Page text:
Palestinian leaders unite sending protest letters to European Union officials, claiming groups like Hamas are merely political parties not terror organizations, noting the EU stipulation nullifies their national “struggle against Israeli occupation,” demanding continued EU funding without restrictions.
By Eldad Beck
The Palestinian Authority has launched a broad public political campaign to convince the European Union to rescind its decision to prohibit monetary aid to PA-affiliated organizations and institutions if it doesn’t sever all ties with terrorist groups.
“The national Palestinian campaign to reject conditional funding” has picked up steam in recent weeks, after the EU, for the first time, introduced a fundamental change to the financial aid contracts Palestinian bodies are required to sign, whereby any cooperation with terrorist organizations will result in the unilateral cessation of funding by the EU.
The Palestinian campaign to annul the EU stipulation is based on the claim that “the struggle against Israeli occupation” is not terror, and that PA institutions included on the EU terror list are political parties for all intents and purposes. In one instance, Omar Al-Qarout, the director of the Gaza-based Hemaya Center For Human Rights, sent a letter to the president of the EU Parliament and European foreign ministers, expressing his astonishment over the new EU condition.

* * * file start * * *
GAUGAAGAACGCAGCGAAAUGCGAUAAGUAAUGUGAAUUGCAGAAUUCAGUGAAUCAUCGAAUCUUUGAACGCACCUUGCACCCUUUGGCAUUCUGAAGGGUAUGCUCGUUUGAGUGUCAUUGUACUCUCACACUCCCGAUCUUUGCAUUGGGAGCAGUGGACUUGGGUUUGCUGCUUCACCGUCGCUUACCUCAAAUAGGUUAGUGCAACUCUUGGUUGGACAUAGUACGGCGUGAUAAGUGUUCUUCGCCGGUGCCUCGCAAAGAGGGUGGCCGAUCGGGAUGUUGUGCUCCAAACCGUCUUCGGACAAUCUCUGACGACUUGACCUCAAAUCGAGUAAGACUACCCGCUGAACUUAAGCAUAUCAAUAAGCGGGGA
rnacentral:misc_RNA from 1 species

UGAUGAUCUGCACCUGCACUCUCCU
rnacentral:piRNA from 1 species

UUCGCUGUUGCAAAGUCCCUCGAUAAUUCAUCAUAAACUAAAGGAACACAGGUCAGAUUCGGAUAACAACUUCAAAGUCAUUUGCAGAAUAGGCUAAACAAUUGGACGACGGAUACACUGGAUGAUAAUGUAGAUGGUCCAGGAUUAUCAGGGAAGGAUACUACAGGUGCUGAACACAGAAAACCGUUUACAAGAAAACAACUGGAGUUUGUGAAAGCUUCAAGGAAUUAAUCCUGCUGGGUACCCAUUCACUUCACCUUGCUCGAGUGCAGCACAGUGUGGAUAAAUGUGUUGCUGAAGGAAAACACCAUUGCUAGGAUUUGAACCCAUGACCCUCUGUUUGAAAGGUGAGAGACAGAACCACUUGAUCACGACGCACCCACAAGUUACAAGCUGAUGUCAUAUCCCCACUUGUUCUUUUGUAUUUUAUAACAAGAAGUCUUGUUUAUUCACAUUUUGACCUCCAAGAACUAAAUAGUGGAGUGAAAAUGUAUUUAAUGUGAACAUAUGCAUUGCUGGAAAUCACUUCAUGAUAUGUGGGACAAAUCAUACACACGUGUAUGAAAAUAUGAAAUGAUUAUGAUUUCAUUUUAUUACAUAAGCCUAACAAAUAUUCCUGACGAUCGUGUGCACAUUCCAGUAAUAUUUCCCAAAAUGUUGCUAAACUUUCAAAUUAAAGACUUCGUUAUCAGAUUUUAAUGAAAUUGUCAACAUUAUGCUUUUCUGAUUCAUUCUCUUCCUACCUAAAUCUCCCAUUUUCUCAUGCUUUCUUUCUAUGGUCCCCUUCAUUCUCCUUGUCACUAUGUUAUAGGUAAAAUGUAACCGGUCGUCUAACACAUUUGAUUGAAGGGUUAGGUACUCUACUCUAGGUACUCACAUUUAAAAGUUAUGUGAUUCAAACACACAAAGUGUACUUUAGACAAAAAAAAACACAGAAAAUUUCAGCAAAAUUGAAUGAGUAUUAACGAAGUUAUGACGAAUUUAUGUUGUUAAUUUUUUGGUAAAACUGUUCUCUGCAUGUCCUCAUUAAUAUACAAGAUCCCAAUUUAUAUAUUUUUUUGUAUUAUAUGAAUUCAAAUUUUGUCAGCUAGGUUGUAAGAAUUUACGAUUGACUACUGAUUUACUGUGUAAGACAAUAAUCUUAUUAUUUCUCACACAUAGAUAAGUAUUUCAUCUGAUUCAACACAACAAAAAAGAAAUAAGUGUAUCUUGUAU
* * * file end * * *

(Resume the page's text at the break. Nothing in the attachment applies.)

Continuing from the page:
In the letter, a copy of which was obtained by Israel Hayom, Al-Qarout says: “Our concern as a Palestinian civilian organization is that this condition will be maliciously exploited against the Palestinians by the Israeli courts, which will use it as a basis for preventing the funding of projects.”
Ten days ago, chief PA negotiator Saeb Erekat sent an official letter to EU foreign policy chief Josep Borrell, demanding that the EU re-examine the new stipulations.
Erekat condemned the new restrictions, arguing that some of the organizations placed on the EU terror list are “Palestinian political parties” and that therefore the new conditions could be viewed as an attempt to disrupt civilian Palestinian political activity and violate “Palestinian human rights as anchored in international law.”
An official in Israel’s Strategic Affairs Ministry said, “Erekat’s letter shows that the most senior echelons on the Palestinian side are involved in this campaign.”
Prior to the submission of Erekat’s letter, 134 Palestinian organizations, which promote the de-legitimization of Israel and boycotts against it, sent a joint letter to the EU’s envoy to the PA, Thomas Nicholson, claiming that declared terrorist organizations such as the Popular Front for the Liberation of Palestine and Hamas were essentially “political parties” and that they were not willing to be the EU’s “policeman.”
Olga Deutsch, the vice president of Israeli watchdog group NGO Monitor, called the new stipulation “an important and welcome step from Israel’s perspective.”
NGO Monitor was involved in discussions with the EU on the matter of preventing funding from reaching the hands of terrorist groups.
“The most disconcerting thing is that the EU is now in negotiations with the Palestinians over the conditional funding clause. This stipulation needs to be a given. The negotiations over it contribute to legitimizing the discourse about terror,” said Deutsch.
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